By at May 21 2019 07:49:33
1. The eyes. There is no greater tool to a nurse than the eyes. You can tell a lot just by casting a quick glance at your patient. Straight away you can tell how critical they are just by observing their colour, the rhythm of their breathing, chest movement or lack of it, a bleeding wound, a swollen leg, urine colour and any other physical signs of distress you can think of. Once youve noticed an abnormality, you can proceed with caution.
Nurses also play crucial role in post recovery rehabilitation of patients. Besides their vital role in patient care, nurses play a similar important role in primary and preventive health care in the form of public health promotion - educating the public on the prevention of diseases, accidents and general health knowledge. Experienced and well trained nurses also play remarkable role in medical research and diagnosis based on long years of experience in patient care.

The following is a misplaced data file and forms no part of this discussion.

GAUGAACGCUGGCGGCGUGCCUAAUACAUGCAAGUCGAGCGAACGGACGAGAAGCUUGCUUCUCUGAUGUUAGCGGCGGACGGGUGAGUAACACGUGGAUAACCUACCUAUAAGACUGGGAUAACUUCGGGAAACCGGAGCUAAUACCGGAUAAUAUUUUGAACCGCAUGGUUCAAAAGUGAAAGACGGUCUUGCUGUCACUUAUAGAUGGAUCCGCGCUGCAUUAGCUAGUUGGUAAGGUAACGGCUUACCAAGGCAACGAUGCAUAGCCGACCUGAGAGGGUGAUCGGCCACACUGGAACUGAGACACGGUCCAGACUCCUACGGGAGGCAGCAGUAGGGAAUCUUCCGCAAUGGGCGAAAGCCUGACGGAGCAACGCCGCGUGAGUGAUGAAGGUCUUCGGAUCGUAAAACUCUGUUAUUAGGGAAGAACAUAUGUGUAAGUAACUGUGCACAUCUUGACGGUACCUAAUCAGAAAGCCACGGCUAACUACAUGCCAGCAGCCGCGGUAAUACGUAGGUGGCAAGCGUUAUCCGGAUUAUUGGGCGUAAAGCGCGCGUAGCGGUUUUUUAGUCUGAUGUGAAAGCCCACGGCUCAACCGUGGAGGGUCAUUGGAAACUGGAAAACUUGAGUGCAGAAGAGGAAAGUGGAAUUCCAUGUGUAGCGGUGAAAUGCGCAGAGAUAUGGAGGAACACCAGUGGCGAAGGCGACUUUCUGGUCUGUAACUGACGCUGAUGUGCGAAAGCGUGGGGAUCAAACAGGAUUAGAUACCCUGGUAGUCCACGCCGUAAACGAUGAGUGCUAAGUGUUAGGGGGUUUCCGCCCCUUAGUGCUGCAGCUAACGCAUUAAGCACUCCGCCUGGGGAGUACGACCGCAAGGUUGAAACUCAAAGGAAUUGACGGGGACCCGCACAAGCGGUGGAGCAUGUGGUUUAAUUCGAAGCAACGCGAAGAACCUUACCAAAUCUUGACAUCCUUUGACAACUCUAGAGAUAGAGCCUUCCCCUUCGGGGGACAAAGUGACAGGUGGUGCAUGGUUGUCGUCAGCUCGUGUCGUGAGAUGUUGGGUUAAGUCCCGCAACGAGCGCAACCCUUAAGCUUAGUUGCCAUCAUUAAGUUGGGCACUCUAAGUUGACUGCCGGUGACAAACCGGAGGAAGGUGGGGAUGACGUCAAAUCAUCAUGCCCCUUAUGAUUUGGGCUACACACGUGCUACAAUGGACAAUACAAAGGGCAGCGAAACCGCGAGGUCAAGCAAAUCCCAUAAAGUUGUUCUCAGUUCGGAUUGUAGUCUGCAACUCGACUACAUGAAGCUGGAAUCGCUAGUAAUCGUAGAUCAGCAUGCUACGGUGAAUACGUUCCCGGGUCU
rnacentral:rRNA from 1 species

The pertinent question is how do the salary and other financial rewards of nurses reflect the very important and wide roles they perform in the health industry or compare with those of doctors?
5. Taste In 1674, Thomas Willis described the taste of urine in diabetic patients as wonderfully sweet as if it were imbued with honey or sugar. I know what youre thinking. Yacky right? Well, not according to those who nursed in the olden days. Before technology was developed the way it has, doctors and nurses, in some parts, used to taste urine for infection. Thank goodness we do not have to do that anymore. We have advanced technology now and we are able to diagnose at the press of a button.
Nurses not only play the role of patients families and relations by providing necessary minute to minute care, assistance and general support to patients, in the case of children patients, nurses frequently play the role of mothers with all its emotional and psychological requirements by children. The same applies to the care of elderly patients, disabled patients, mental patients and other specialized patients over which the nurse acts as immediate and ever present support and care.